OPPOSITION Pointe-a-Pierre MP and shadow energy minister David Lee said the provisional license by the US Office of Foreign Assets Control (OFAC), allowing TT to extract gas from Venezuela, will not magically fix this country’s issues.
In a media release on Wednesday, a day after the Prime Minister announced the US approval for TT to extract gas from Venezuela, Lee said first gas from this project is years away.
Speaking at a media conference on Tuesday, Dr Rowley could not say when the first gas will be extracted but that the plan was moving “full speed ahead.”
Lee criticised: “We are years away from first gas. Make no mistake, this is not the UNC criticising as is the usual complaints of Government, this is the UNC highlighting the reality that this government still doesn't have an answer for more gas in the short or medium term, as the Dragon field and all other major gas projects listed by them, are years from first gas.”
“This announcement, while offering potential in years to come, doesn't change the vulnerable grim energy reality which is this government driving TT's oil and gas production to its lowest in 18 years because they failed to innovate the sector outside of this dragon field.
"This announcement offers little comfort when exploration and monetising of gas within our own borders continue to be a problem.”
The waiver came with stipulations, Rowley said, adding that some of it is still being ironed out. One of the terms imposed on the two-year license, eight less than Rowley had hoped, was that priority be given to Caribbean countries, except Cuba.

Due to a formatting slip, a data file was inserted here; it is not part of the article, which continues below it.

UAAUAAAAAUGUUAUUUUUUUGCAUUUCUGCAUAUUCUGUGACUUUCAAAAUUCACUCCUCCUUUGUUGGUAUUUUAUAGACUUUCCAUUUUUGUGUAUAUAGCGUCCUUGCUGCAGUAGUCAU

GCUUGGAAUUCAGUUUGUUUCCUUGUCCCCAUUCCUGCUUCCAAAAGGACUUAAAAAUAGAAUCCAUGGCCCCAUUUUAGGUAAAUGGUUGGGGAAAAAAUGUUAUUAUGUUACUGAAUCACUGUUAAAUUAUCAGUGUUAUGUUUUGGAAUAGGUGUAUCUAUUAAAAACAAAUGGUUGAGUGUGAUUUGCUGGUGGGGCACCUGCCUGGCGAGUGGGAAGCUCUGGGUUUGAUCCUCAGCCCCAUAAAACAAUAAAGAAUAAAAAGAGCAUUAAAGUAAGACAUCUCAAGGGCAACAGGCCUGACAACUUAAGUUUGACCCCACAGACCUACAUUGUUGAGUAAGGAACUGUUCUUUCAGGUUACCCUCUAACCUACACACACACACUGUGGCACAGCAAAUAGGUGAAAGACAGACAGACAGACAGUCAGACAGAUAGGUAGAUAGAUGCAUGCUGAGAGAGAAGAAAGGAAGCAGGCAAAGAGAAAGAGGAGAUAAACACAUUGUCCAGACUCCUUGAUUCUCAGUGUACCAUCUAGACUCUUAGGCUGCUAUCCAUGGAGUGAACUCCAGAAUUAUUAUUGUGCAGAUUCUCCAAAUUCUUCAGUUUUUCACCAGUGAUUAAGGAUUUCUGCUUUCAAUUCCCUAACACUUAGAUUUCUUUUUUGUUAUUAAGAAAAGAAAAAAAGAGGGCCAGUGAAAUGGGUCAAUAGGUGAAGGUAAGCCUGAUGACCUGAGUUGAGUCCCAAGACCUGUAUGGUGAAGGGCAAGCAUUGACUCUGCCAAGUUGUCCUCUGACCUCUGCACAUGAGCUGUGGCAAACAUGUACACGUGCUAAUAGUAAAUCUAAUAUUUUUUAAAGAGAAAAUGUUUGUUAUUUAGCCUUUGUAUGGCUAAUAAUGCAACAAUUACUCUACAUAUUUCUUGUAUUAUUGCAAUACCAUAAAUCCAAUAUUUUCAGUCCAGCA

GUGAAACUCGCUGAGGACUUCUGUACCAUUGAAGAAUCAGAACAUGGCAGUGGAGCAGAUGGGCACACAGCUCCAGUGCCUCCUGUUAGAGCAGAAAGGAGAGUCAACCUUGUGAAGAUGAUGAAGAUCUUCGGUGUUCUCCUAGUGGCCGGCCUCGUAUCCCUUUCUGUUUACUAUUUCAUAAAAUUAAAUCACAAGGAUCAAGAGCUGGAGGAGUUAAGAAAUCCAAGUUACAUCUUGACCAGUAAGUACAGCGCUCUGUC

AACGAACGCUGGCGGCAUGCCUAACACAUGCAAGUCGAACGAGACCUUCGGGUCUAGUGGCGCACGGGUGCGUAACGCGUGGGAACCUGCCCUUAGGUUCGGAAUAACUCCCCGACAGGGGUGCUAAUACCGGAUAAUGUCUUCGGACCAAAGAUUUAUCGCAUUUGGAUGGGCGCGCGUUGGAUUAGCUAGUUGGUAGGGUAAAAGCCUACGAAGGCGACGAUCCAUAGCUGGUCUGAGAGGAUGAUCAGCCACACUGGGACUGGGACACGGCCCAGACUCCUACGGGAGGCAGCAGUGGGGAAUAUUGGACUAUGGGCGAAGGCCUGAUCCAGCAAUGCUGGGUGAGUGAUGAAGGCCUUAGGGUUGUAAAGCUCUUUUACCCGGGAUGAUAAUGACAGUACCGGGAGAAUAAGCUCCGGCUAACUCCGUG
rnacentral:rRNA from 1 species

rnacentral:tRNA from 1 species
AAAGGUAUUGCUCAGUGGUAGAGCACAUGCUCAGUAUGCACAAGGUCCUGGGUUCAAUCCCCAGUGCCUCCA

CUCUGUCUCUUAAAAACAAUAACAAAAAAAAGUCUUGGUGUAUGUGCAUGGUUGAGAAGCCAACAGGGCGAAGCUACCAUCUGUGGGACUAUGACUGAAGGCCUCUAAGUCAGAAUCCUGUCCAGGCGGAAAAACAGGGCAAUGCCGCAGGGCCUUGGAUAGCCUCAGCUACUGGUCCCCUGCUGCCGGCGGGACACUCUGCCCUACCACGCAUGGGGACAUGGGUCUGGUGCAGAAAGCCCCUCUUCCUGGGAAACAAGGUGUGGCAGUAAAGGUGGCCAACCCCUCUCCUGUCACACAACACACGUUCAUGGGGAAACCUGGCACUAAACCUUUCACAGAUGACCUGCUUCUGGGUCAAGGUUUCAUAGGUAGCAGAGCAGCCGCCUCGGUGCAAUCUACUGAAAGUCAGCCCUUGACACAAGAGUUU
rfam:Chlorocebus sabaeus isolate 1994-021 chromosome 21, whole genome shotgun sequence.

Venezuela will not be paid in cash but Rowley said that is not a major issue.
Responding to that stipulation, Lee said it is a cause for further concern.
Lee added that the licence cannot take away from the Government “suppressing and decimating” other avenues for increased gas production through a lack of innovation in failing to implement fiscal incentives that would have increased production.
Lee said TT needs an average of 4.1 cubic feet of gas (bcf) of gas per day to meet its proper demand while currently only producing 2.8 bcf. Dragon field he said is not the key to meet that demand.
“The key to this demand was increased innovation and creating an environment that encouraged more exploration. The UNC has never criticised the Dragon gas deal.
"We have always raised questions on the time line of implementation back in 2017/2018 because this Government highlighted it as the key to ending the gas shortage which we knew fully well was not possible."